Editorial: February 20

Print journalism has been under siege with more and more news outlets now providing the vast majority of content online. Now, one of print’s most ardent supporters is apparently throwing in the towel in yet another obvious indication that the medium continues to slide downwards. American billionaire Warren Buffett and his Berkshire Hathaway company have opted to sell their entire newspaper business to Lee Enterprises for $140 million in cash, which if nothing else, is a major public relations hit for the medium. The 89-year-old Buffett has long been an ardent defender of print journalism, but nonetheless has decided it’s time to move on due to mounting financial losses. Print costs are astronomical and advertising continues to plummet virtually everywhere in North America. The sale to Lee Enterprises includes 30 daily papers and several dozen weeklies.

Boeing posted an annual loss for the first time since 1997 due to $19 billion in losses related to its grounded 737 MAX, including $4 billion in applicable charges. The aircraft was grounded in March of last year after two crashes that killed 346 people. Chicago-based Boeing has been updating the 737 MAX flight control system and software to address issues believed to have played a role in the two deadly crashes. It’s still unknown when the 737 MAX will be authorized to fly again. Assuming all the glitches are fixed it would seem a name change would also be necessary from a PR standpoint.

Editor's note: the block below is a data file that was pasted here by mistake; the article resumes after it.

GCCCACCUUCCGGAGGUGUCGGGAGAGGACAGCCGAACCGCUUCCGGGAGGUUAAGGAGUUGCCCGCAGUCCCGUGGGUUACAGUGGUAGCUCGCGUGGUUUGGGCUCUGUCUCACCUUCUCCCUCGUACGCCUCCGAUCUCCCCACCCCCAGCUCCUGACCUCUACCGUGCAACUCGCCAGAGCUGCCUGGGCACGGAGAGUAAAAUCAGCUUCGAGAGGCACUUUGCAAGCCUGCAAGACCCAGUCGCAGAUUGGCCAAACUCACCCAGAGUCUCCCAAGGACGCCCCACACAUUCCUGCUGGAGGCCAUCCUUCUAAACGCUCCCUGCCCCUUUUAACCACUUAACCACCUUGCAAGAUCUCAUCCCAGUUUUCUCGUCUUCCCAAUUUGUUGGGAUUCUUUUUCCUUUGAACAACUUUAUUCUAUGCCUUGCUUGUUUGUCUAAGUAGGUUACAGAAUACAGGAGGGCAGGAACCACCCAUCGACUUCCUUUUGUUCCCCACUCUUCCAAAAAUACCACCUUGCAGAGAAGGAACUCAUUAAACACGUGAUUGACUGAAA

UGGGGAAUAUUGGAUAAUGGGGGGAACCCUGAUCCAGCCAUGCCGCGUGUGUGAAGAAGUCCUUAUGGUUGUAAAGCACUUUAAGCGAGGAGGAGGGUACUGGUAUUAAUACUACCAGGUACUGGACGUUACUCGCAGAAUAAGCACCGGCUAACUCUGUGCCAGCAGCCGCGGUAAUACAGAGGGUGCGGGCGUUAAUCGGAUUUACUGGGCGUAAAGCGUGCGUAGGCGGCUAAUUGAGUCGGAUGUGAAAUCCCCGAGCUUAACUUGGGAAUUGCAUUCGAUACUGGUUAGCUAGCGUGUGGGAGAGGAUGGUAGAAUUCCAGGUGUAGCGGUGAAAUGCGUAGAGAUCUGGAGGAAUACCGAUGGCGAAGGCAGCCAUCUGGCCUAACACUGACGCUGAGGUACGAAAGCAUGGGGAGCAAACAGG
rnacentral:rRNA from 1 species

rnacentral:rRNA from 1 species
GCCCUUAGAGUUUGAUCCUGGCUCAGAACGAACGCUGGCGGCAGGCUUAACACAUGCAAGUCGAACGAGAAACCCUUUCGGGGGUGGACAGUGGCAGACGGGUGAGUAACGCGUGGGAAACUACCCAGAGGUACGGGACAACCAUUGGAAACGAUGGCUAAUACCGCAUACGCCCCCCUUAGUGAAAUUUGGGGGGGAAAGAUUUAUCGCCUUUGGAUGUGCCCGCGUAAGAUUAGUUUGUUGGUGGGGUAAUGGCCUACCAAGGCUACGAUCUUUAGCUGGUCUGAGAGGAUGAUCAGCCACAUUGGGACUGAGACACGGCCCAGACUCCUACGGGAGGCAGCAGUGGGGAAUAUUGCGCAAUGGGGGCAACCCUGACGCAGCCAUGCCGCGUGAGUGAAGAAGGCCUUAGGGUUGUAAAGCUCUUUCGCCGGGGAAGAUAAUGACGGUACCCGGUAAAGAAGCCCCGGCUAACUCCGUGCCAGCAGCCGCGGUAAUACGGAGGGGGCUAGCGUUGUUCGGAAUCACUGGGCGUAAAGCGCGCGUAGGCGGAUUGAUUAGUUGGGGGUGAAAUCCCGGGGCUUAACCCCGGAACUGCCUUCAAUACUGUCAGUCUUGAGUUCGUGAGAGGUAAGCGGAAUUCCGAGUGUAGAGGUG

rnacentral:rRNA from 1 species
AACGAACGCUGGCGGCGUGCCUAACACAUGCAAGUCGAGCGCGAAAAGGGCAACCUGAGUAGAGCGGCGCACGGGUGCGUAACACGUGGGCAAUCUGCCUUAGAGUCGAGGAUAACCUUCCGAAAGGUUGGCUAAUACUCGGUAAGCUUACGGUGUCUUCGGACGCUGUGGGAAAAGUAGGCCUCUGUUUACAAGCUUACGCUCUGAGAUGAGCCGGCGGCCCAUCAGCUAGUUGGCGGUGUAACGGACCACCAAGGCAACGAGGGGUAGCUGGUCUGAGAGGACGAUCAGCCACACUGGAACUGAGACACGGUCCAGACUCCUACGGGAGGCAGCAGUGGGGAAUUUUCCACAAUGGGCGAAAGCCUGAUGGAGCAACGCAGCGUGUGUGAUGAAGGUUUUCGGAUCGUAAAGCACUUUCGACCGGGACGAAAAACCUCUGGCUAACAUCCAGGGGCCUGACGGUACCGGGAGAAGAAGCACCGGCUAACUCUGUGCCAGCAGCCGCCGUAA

Ride-hailing companies Uber and Lyft have been given authorization to operate in B.C.’s Lower Mainland and Whistler. The decision was made by The B.C. Passenger Transportation Board, which also declined approval for ReRyde Technologies and Kater Technologies for several B.C. regions. It’s not yet known when Uber and Lyft services will be made available to the public. Needless to say, taxi cab companies are not pleased.

Shameful. That’s the one word I can think of when summing up what was a complete partisan clown show south of the border, also known as the Donald Trump Impeachment Trial in the U.S. House of Representatives and then the U.S. Senate. And by a clown show, I want to make it clear that numerous clowns were to be found on either side of the aisle with their distorted take on the truth and at times, outright lies. Both the Democrats and Republicans acted with such unbelievably astounding biased partisanship that it was clear from the outset absolutely nothing would be accomplished. In the House, Trump is viewed as nothing short of evil. In the Senate, the worst take on Trump that you’d get from moderate Republicans was that he has acted inappropriately, but not to the degree that they’d vote to remove him from office. The U.S. has never been so divided in its 244-year history and the next four years are quite likely to only get much, much worse.

Angus Gillespie
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